Journal of NeuroVirology

, Volume 15, Issue 2, pp 187–195

White matter tract injury and cognitive impairment in human immunodeficiency virusinfected individuals

Authors

  • Assawin Gongvatana
    • Joint Doctoral Program in Clinical PsychologySan Diego State University/University of California, San Diego
    • HIV Neurobehavioral Research Center, Department of Psychiatry (0680)University of California
  • Brian C. Schweinsburg
    • HIV Neurobehavioral Research Center, Department of Psychiatry (0680)University of California
    • Department of PsychiatryUniversity of California
  • Michael J. Taylor
    • HIV Neurobehavioral Research Center, Department of Psychiatry (0680)University of California
    • Department of PsychiatryUniversity of California
  • Rebecca J. Theilmann
    • HIV Neurobehavioral Research Center, Department of Psychiatry (0680)University of California
    • Department of RadiologyUniversity of California
  • Scott L. Letendre
    • HIV Neurobehavioral Research Center, Department of Psychiatry (0680)University of California
    • Department of MedicineUniversity of California
  • Omar M. Alhassoon
    • HIV Neurobehavioral Research Center, Department of Psychiatry (0680)University of California
    • Department of PsychiatryUniversity of California
  • Joanna Jacobus
    • Joint Doctoral Program in Clinical PsychologySan Diego State University/University of California, San Diego
    • HIV Neurobehavioral Research Center, Department of Psychiatry (0680)University of California
  • Steven P. Woods
    • HIV Neurobehavioral Research Center, Department of Psychiatry (0680)University of California
    • Department of PsychiatryUniversity of California
  • Terry L. Jernigan
    • HIV Neurobehavioral Research Center, Department of Psychiatry (0680)University of California
    • Department of PsychiatryUniversity of California
  • Ronald J. Ellis
    • HIV Neurobehavioral Research Center, Department of Psychiatry (0680)University of California
    • Department of NeurosciencesUniversity of California
  • Lawrence R. Frank
    • Department of RadiologyUniversity of California
    • HIV Neurobehavioral Research Center, Department of Psychiatry (0680)University of California
    • Department of PsychiatryUniversity of California
  • The CHARTER Group
Article

DOI: 10.1080/13550280902769756

Cite this article as:
Gongvatana, A., Schweinsburg, B.C., Taylor, M.J. et al. Journal of NeuroVirology (2009) 15: 187. doi:10.1080/13550280902769756

Abstract

Approximately half of those infected with the human immunodeficiency virus (HIV) exhibit cognitive impairment, which has been related to cerebral white matter damage. Despite the effectiveness of antiretroviral treatment, cognitive impairment remains common even in individuals with undetectable viral loads. One explanation for this may be subtherapeutic concentrations of some antiretrovirals in the central nervous system (CNS). We utilized diffusion tensor imaging and a comprehensive neuropsychological evaluation to investigate the relationship of white matter integrity to cognitive impairment and antiretroviral treatment variables. Participants included 39 HIV-infected individuals (49% with acquired immunodeficiency syndrome [AIDS]; mean CD4=529) and 25 seronegative subjects. Diffusion tensor imaging indices were mapped onto a common whole-brain white matter tract skeleton, allowing between-subject voxelwise comparisons. The total HIV-infected group exhibited abnormal white matter in the internal capsule, inferior longitudinal fasciculus, and optic radiation; whereas those with AIDS exhibited more widespread damage, including in the internal capsule and the corpus callosum. Cognitive impairment in the HIV-infected group was related to white matter injury in the internal capsule, corpus callosum, and superior longitudinal fasciculus. White matter injury was not found to be associated with HIV viral load or estimated CNS penetration of antiretrovirals. Diffusion tensor imaging was useful in identifying changes in white matter tracts associated with more advanced HIV infection. Relationships between diffusion alterations in specific white matter tracts and cognitive impairment support the potential utility of diffusion tensor imaging in examining the anatomical underpinnings of HIV-related cognitive impairment. The study also confirms that CNS injury is evident in persons infected with HIV despite effective antiretroviral treatment.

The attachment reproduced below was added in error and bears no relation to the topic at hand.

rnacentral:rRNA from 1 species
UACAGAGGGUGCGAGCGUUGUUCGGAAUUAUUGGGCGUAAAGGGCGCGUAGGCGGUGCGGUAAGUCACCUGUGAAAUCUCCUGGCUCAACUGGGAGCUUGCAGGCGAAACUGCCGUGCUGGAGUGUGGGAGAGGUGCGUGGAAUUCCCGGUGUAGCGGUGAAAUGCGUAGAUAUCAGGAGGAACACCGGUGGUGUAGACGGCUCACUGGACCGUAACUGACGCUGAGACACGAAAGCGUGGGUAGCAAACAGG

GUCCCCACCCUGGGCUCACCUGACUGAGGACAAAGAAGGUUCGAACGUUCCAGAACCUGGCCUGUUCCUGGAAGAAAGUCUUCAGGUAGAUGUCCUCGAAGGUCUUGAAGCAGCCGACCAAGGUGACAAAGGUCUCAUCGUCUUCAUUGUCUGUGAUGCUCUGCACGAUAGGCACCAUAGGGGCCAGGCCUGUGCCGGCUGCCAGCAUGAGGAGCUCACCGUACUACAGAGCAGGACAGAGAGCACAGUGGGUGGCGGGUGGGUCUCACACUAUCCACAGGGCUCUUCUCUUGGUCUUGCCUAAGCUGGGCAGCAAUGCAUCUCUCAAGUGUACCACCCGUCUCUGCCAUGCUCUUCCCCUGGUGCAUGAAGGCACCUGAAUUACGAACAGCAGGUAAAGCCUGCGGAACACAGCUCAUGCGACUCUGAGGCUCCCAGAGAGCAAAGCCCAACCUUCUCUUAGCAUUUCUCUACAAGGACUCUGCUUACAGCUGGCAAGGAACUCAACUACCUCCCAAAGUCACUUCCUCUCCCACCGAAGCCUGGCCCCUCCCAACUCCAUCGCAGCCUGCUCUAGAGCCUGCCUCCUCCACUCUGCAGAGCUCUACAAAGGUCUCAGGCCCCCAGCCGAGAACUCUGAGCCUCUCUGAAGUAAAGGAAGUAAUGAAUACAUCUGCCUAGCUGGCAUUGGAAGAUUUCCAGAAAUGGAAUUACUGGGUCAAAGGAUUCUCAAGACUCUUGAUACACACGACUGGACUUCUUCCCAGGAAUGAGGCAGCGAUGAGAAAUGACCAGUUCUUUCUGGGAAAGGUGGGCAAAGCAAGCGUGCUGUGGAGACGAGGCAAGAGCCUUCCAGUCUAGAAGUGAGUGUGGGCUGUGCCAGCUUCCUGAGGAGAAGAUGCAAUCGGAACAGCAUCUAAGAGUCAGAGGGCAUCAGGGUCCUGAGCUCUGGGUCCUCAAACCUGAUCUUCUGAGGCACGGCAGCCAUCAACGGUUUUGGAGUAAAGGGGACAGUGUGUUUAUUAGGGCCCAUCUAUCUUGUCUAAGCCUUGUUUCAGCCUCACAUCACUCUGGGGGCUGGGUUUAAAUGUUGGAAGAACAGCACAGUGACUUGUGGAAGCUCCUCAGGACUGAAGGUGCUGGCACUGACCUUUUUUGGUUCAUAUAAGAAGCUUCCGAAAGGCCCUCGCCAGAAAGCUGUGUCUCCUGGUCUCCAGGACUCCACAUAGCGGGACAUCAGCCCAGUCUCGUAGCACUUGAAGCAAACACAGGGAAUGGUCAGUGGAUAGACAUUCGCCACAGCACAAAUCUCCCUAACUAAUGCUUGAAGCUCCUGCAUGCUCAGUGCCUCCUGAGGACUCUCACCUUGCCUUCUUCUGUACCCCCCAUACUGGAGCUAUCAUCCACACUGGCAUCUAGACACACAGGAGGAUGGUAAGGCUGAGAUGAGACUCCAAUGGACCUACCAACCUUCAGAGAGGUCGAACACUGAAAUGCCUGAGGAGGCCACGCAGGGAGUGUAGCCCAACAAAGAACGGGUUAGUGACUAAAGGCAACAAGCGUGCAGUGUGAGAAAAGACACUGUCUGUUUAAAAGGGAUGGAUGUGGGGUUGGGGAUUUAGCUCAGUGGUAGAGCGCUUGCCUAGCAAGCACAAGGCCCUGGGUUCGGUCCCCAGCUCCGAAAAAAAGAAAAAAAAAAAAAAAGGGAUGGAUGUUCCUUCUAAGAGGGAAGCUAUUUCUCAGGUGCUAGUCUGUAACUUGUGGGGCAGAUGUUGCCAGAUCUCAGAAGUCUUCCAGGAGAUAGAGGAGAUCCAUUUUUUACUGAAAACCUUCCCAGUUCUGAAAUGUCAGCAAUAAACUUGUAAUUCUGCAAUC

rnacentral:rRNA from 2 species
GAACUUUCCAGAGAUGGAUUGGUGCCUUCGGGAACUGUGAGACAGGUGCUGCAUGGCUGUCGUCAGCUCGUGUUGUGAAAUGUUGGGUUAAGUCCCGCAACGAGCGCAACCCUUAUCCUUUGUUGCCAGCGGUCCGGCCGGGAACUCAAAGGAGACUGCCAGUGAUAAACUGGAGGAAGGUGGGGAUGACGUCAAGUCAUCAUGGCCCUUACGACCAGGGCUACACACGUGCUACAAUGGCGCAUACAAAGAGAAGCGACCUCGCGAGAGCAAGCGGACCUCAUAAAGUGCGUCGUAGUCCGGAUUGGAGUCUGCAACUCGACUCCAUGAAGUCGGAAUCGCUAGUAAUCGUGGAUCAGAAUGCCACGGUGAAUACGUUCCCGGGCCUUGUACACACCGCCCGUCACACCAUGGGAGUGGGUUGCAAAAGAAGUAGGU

Keywords

diffusion tensor imaging HIV dementia neuropsychological assessment

Copyright information

© Journal of NeuroVirology, Inc. 2009